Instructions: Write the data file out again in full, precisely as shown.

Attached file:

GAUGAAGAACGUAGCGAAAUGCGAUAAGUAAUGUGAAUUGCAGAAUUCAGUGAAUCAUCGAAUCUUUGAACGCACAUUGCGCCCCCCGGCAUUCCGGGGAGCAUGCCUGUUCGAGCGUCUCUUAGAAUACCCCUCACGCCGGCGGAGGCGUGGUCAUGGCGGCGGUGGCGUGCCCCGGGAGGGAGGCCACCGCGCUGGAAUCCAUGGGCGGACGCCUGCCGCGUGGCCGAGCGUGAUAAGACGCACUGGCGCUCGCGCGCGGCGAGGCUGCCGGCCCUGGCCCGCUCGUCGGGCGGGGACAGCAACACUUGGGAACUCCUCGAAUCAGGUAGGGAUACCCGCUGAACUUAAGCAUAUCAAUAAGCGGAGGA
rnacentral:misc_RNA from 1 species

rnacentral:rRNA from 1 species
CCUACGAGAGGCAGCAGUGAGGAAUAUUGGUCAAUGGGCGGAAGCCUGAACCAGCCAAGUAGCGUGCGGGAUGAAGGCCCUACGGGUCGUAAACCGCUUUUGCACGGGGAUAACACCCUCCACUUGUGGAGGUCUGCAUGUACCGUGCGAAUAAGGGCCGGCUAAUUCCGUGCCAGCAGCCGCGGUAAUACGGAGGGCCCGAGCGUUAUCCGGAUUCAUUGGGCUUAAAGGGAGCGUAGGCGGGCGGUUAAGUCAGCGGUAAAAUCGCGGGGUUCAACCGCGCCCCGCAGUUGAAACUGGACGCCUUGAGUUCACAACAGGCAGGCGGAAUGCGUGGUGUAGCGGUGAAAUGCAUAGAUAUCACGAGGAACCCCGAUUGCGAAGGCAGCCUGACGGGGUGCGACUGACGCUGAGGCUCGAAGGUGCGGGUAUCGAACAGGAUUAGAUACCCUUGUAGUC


GAUGAAGAACGUAGCGAAAUGCGAUAAGUAAUGUGAAUUGCAGAAUUCAGUGAAUCAUCGAAUCUUUGAACGCACAUUGCGCCCCCCGGCAUUCCGGGGAGCAUGCCUGUUCGAGCGUCUCUUAGAAUACCCCUCACGCCGGCGGAGGCGUGGUCAUGGCGGCGGUGGCGUGCCCCGGGAGGGAGGCCACCGCGCUGGAAUCCAUGGGCGGACGCCUGCCGCGUGGCCGAGCGUGAUAAGACGCACUGGCGCUCGCGCGCGGCGAGGCUGCCGGCCCUGGCCCGCUCGUCGGGCGGGGACAGCAACACUUGGGAACUCCUCGAAUCAGGUAGGGAUACCCGCUGAACUUAAGCAUAUCAAUAAGCGGAGGA
rnacentral:misc_RNA from 1 species

rnacentral:rRNA from 1 species
CCUACGAGAGGCAGCAGUGAGGAAUAUUGGUCAAUGGGCGGAAGCCUGAACCAGCCAAGUAGCGUGCGGGAUGAAGGCCCUACGGGUCGUAAACCGCUUUUGCACGGGGAUAACACCCUCCACUUGUGGAGGUCUGCAUGUACCGUGCGAAUAAGGGCCGGCUAAUUCCGUGCCAGCAGCCGCGGUAAUACGGAGGGCCCGAGCGUUAUCCGGAUUCAUUGGGCUUAAAGGGAGCGUAGGCGGGCGGUUAAGUCAGCGGUAAAAUCGCGGGGUUCAACCGCGCCCCGCAGUUGAAACUGGACGCCUUGAGUUCACAACAGGCAGGCGGAAUGCGUGGUGUAGCGGUGAAAUGCAUAGAUAUCACGAGGAACCCCGAUUGCGAAGGCAGCCUGACGGGGUGCGACUGACGCUGAGGCUCGAAGGUGCGGGUAUCGAACAGGAUUAGAUACCCUUGUAGUC